If Price is out for an extended period, the no-Olympics movement will grow stronger

Jason Kay
Ice Hockey Gold Medal - Sweden v Canada

Will Carey Price be exhibit B – or C, D, E or F – when it comes to the debate about sending NHL players to the 2018 Olympics in South Korea?

The Montreal Canadiens netminder and Team Canada star is out for at least the next few games with what the Habs are calling a lower-body injury. Coach Michel Therrien said Price aggravated the injury in Sochi and declared him day-to-day.

According to the Canadian Press, Price  left practice on Wednesday after moving laterally to make a save during a power play drill.

The Canadiens are in a dogfight with Toronto and Tampa Bay for one of three guaranteed playoff berths in the Atlantic Division. Entering tonight’s action, they were one point behind the Lightning and tied with the Maple Leafs with a game in hand. Backup Peter Budaj will take the reins, while Dustin Tokarski was recalled from the AHL to backfill.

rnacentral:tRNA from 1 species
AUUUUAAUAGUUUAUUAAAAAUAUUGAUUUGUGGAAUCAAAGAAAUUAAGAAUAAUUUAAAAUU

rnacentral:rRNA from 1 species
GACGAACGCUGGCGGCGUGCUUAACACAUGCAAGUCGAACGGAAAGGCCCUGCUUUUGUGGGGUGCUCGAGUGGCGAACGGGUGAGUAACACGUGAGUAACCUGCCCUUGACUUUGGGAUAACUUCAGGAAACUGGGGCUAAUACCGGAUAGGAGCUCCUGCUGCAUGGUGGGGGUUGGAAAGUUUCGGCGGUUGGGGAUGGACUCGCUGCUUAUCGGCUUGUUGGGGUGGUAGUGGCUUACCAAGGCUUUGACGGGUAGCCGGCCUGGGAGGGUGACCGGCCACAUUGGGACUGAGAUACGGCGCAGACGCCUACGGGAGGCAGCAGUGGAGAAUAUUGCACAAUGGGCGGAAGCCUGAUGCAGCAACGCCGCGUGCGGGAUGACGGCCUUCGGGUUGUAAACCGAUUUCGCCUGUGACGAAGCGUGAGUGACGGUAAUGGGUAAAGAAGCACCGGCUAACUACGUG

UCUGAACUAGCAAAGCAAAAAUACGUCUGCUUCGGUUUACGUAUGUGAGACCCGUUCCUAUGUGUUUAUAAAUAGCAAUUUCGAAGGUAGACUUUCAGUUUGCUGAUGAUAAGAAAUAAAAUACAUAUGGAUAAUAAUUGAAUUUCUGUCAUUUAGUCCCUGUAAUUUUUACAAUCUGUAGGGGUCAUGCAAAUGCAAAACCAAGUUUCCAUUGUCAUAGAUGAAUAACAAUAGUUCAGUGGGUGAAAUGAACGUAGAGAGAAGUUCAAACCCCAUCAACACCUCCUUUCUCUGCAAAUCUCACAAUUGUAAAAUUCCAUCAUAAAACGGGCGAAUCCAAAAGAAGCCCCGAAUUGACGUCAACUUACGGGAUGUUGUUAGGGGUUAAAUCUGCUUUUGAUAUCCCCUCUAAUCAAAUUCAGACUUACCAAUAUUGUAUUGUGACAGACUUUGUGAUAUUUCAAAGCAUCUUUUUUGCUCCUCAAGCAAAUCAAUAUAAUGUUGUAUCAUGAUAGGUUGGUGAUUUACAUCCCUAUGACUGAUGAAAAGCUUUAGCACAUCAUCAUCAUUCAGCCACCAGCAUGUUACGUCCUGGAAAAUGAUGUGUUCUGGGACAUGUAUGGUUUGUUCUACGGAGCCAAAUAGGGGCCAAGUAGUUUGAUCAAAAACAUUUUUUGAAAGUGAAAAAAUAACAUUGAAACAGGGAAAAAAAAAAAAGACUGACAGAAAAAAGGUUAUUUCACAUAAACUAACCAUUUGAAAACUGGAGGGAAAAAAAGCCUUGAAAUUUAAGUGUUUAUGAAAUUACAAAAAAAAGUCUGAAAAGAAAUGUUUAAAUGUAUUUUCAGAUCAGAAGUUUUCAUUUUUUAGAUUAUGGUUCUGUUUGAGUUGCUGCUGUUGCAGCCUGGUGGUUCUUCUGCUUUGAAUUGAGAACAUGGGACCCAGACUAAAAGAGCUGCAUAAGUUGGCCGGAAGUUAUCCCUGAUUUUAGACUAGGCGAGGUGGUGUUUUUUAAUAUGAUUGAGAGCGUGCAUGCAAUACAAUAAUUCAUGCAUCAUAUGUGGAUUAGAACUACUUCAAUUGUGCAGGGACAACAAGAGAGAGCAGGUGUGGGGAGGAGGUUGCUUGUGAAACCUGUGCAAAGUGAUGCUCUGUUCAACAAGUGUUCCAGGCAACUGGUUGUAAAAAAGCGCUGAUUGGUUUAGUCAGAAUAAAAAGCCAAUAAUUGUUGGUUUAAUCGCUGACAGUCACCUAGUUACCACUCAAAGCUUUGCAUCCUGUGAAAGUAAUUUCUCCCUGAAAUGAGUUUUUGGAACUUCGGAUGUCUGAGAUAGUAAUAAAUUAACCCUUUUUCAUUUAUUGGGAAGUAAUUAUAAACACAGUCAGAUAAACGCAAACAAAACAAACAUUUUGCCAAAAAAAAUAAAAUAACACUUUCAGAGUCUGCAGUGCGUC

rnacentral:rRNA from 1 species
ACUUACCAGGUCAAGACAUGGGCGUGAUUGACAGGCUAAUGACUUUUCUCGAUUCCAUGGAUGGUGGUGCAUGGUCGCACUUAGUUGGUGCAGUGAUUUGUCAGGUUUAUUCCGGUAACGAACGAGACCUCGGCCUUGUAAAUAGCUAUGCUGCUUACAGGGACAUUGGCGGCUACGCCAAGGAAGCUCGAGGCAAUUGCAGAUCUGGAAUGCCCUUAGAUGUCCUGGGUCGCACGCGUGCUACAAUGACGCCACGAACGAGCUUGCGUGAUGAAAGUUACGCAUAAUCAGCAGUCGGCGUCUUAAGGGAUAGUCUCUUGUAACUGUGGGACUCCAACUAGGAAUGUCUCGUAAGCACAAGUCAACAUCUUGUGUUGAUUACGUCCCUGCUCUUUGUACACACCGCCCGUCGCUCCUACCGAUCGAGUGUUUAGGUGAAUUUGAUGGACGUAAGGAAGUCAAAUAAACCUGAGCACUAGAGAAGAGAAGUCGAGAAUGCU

If Price was indeed injured in Russia – something Canadian coach Mike Babcock says he was unaware of – he joins the Islanders John Tavares, Detroit’s Henrik Zetterberg, Florida’s Aleksander Barkov, Pittsburgh’s Paul Martin, Columbus’ Fedor Tyutin and possibly Vancouver’s Ryan Kesler as pivotal players to get hurt in Sochi, or aggravate old injuries.

As the evidence mounts, it will serve to solidify the argument being made by some NHL executives that there’s too much risk in sending its best assets to the Olympics with very little tangible reward. For the owners. For the players, the reward is enduring memories and possibly a medal.

The cries from the “no-go” faction will get even louder if Price is out for an extended period of time and it impacts Montreal’s stretch drive.